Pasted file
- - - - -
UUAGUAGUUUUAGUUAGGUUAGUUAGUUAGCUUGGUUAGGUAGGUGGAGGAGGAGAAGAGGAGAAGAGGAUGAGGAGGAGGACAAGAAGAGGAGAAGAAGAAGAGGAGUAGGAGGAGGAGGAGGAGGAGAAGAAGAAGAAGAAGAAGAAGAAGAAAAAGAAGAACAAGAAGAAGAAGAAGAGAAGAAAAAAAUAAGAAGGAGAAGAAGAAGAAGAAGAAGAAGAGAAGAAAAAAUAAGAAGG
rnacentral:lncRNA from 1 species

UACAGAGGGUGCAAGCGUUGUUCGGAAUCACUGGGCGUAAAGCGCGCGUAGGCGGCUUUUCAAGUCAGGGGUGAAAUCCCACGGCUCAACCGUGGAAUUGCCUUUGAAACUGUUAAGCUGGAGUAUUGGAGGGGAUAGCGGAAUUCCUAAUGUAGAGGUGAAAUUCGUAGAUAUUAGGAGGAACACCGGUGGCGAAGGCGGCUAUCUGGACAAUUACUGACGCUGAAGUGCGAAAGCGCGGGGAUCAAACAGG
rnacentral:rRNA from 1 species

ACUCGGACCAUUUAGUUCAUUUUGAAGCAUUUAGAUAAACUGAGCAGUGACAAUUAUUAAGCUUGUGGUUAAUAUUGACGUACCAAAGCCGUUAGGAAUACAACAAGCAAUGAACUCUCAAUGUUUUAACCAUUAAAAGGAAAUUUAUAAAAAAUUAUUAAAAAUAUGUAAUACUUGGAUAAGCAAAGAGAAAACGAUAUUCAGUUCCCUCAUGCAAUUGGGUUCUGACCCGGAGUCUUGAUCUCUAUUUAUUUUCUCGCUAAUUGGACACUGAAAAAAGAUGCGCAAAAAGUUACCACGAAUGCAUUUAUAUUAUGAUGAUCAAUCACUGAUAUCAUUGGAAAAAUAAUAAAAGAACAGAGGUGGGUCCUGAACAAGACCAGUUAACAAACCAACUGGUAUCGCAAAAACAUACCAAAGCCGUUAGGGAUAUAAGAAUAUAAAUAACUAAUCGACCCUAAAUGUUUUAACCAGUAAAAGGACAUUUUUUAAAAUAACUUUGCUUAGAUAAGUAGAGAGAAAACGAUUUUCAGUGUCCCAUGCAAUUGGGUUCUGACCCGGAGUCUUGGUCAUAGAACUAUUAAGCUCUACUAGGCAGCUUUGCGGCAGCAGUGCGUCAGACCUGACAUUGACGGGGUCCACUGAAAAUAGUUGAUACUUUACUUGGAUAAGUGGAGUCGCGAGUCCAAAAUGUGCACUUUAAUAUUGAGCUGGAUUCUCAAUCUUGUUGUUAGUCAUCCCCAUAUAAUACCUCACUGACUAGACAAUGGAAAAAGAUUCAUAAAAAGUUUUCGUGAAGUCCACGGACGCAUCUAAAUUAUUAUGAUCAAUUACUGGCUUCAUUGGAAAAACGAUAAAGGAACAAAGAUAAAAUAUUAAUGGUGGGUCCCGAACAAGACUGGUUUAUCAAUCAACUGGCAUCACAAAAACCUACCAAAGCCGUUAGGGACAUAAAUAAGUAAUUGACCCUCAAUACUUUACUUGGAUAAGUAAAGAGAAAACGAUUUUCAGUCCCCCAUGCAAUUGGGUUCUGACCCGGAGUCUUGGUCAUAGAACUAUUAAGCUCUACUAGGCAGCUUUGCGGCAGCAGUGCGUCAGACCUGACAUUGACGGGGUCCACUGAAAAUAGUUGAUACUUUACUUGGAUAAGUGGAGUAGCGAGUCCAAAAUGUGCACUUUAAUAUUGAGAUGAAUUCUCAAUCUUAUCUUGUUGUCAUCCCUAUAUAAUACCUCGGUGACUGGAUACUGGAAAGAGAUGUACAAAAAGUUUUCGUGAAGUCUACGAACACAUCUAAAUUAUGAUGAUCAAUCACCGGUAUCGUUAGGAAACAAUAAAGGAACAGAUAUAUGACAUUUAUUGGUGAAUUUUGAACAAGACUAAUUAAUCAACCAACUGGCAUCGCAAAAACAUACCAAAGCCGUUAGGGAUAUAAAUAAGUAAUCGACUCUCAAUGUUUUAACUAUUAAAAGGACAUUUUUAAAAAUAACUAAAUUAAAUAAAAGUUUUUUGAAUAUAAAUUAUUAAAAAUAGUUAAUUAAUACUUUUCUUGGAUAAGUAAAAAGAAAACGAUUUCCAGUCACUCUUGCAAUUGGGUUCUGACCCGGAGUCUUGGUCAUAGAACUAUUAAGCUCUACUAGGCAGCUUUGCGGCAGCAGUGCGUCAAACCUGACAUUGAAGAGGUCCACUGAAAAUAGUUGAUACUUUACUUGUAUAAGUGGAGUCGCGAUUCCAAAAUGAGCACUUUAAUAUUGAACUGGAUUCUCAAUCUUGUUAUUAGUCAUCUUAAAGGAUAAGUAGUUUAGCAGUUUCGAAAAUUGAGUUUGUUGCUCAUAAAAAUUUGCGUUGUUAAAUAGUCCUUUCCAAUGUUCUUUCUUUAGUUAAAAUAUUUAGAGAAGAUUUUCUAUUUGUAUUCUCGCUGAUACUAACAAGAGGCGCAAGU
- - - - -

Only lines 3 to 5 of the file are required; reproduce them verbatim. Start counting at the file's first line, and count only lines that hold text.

UACAGAGGGUGCAAGCGUUGUUCGGAAUCACUGGGCGUAAAGCGCGCGUAGGCGGCUUUUCAAGUCAGGGGUGAAAUCCCACGGCUCAACCGUGGAAUUGCCUUUGAAACUGUUAAGCUGGAGUAUUGGAGGGGAUAGCGGAAUUCCUAAUGUAGAGGUGAAAUUCGUAGAUAUUAGGAGGAACACCGGUGGCGAAGGCGGCUAUCUGGACAAUUACUGACGCUGAAGUGCGAAAGCGCGGGGAUCAAACAGG
rnacentral:rRNA from 1 species

ACUCGGACCAUUUAGUUCAUUUUGAAGCAUUUAGAUAAACUGAGCAGUGACAAUUAUUAAGCUUGUGGUUAAUAUUGACGUACCAAAGCCGUUAGGAAUACAACAAGCAAUGAACUCUCAAUGUUUUAACCAUUAAAAGGAAAUUUAUAAAAAAUUAUUAAAAAUAUGUAAUACUUGGAUAAGCAAAGAGAAAACGAUAUUCAGUUCCCUCAUGCAAUUGGGUUCUGACCCGGAGUCUUGAUCUCUAUUUAUUUUCUCGCUAAUUGGACACUGAAAAAAGAUGCGCAAAAAGUUACCACGAAUGCAUUUAUAUUAUGAUGAUCAAUCACUGAUAUCAUUGGAAAAAUAAUAAAAGAACAGAGGUGGGUCCUGAACAAGACCAGUUAACAAACCAACUGGUAUCGCAAAAACAUACCAAAGCCGUUAGGGAUAUAAGAAUAUAAAUAACUAAUCGACCCUAAAUGUUUUAACCAGUAAAAGGACAUUUUUUAAAAUAACUUUGCUUAGAUAAGUAGAGAGAAAACGAUUUUCAGUGUCCCAUGCAAUUGGGUUCUGACCCGGAGUCUUGGUCAUAGAACUAUUAAGCUCUACUAGGCAGCUUUGCGGCAGCAGUGCGUCAGACCUGACAUUGACGGGGUCCACUGAAAAUAGUUGAUACUUUACUUGGAUAAGUGGAGUCGCGAGUCCAAAAUGUGCACUUUAAUAUUGAGCUGGAUUCUCAAUCUUGUUGUUAGUCAUCCCCAUAUAAUACCUCACUGACUAGACAAUGGAAAAAGAUUCAUAAAAAGUUUUCGUGAAGUCCACGGACGCAUCUAAAUUAUUAUGAUCAAUUACUGGCUUCAUUGGAAAAACGAUAAAGGAACAAAGAUAAAAUAUUAAUGGUGGGUCCCGAACAAGACUGGUUUAUCAAUCAACUGGCAUCACAAAAACCUACCAAAGCCGUUAGGGACAUAAAUAAGUAAUUGACCCUCAAUACUUUACUUGGAUAAGUAAAGAGAAAACGAUUUUCAGUCCCCCAUGCAAUUGGGUUCUGACCCGGAGUCUUGGUCAUAGAACUAUUAAGCUCUACUAGGCAGCUUUGCGGCAGCAGUGCGUCAGACCUGACAUUGACGGGGUCCACUGAAAAUAGUUGAUACUUUACUUGGAUAAGUGGAGUAGCGAGUCCAAAAUGUGCACUUUAAUAUUGAGAUGAAUUCUCAAUCUUAUCUUGUUGUCAUCCCUAUAUAAUACCUCGGUGACUGGAUACUGGAAAGAGAUGUACAAAAAGUUUUCGUGAAGUCUACGAACACAUCUAAAUUAUGAUGAUCAAUCACCGGUAUCGUUAGGAAACAAUAAAGGAACAGAUAUAUGACAUUUAUUGGUGAAUUUUGAACAAGACUAAUUAAUCAACCAACUGGCAUCGCAAAAACAUACCAAAGCCGUUAGGGAUAUAAAUAAGUAAUCGACUCUCAAUGUUUUAACUAUUAAAAGGACAUUUUUAAAAAUAACUAAAUUAAAUAAAAGUUUUUUGAAUAUAAAUUAUUAAAAAUAGUUAAUUAAUACUUUUCUUGGAUAAGUAAAAAGAAAACGAUUUCCAGUCACUCUUGCAAUUGGGUUCUGACCCGGAGUCUUGGUCAUAGAACUAUUAAGCUCUACUAGGCAGCUUUGCGGCAGCAGUGCGUCAAACCUGACAUUGAAGAGGUCCACUGAAAAUAGUUGAUACUUUACUUGUAUAAGUGGAGUCGCGAUUCCAAAAUGAGCACUUUAAUAUUGAACUGGAUUCUCAAUCUUGUUAUUAGUCAUCUUAAAGGAUAAGUAGUUUAGCAGUUUCGAAAAUUGAGUUUGUUGCUCAUAAAAAUUUGCGUUGUUAAAUAGUCCUUUCCAAUGUUCUUUCUUUAGUUAAAAUAUUUAGAGAAGAUUUUCUAUUUGUAUUCUCGCUGAUACUAACAAGAGGCGCAAGU